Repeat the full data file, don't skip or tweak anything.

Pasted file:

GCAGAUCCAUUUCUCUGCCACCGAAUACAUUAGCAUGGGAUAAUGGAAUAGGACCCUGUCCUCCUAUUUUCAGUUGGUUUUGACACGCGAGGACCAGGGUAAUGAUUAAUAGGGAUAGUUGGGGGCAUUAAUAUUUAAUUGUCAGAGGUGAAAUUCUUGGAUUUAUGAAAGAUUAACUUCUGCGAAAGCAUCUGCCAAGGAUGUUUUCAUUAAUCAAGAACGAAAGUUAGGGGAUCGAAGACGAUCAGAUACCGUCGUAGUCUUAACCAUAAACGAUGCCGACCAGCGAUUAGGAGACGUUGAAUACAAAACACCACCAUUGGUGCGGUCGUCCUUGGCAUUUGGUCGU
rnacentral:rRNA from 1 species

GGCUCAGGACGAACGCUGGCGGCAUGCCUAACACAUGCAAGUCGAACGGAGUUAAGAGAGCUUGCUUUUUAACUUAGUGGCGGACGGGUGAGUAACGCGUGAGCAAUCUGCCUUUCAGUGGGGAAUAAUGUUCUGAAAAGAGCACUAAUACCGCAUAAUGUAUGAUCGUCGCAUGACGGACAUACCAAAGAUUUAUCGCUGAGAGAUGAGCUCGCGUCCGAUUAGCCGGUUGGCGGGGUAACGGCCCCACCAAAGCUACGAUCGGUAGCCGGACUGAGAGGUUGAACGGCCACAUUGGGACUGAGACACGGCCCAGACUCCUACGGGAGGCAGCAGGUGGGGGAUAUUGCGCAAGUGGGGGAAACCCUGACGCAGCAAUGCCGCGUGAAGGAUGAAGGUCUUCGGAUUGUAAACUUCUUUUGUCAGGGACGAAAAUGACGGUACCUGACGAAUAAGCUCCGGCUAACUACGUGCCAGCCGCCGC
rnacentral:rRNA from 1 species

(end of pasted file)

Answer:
GCAGAUCCAUUUCUCUGCCACCGAAUACAUUAGCAUGGGAUAAUGGAAUAGGACCCUGUCCUCCUAUUUUCAGUUGGUUUUGACACGCGAGGACCAGGGUAAUGAUUAAUAGGGAUAGUUGGGGGCAUUAAUAUUUAAUUGUCAGAGGUGAAAUUCUUGGAUUUAUGAAAGAUUAACUUCUGCGAAAGCAUCUGCCAAGGAUGUUUUCAUUAAUCAAGAACGAAAGUUAGGGGAUCGAAGACGAUCAGAUACCGUCGUAGUCUUAACCAUAAACGAUGCCGACCAGCGAUUAGGAGACGUUGAAUACAAAACACCACCAUUGGUGCGGUCGUCCUUGGCAUUUGGUCGU
rnacentral:rRNA from 1 species

GGCUCAGGACGAACGCUGGCGGCAUGCCUAACACAUGCAAGUCGAACGGAGUUAAGAGAGCUUGCUUUUUAACUUAGUGGCGGACGGGUGAGUAACGCGUGAGCAAUCUGCCUUUCAGUGGGGAAUAAUGUUCUGAAAAGAGCACUAAUACCGCAUAAUGUAUGAUCGUCGCAUGACGGACAUACCAAAGAUUUAUCGCUGAGAGAUGAGCUCGCGUCCGAUUAGCCGGUUGGCGGGGUAACGGCCCCACCAAAGCUACGAUCGGUAGCCGGACUGAGAGGUUGAACGGCCACAUUGGGACUGAGACACGGCCCAGACUCCUACGGGAGGCAGCAGGUGGGGGAUAUUGCGCAAGUGGGGGAAACCCUGACGCAGCAAUGCCGCGUGAAGGAUGAAGGUCUUCGGAUUGUAAACUUCUUUUGUCAGGGACGAAAAUGACGGUACCUGACGAAUAAGCUCCGGCUAACUACGUGCCAGCCGCCGC
rnacentral:rRNA from 1 species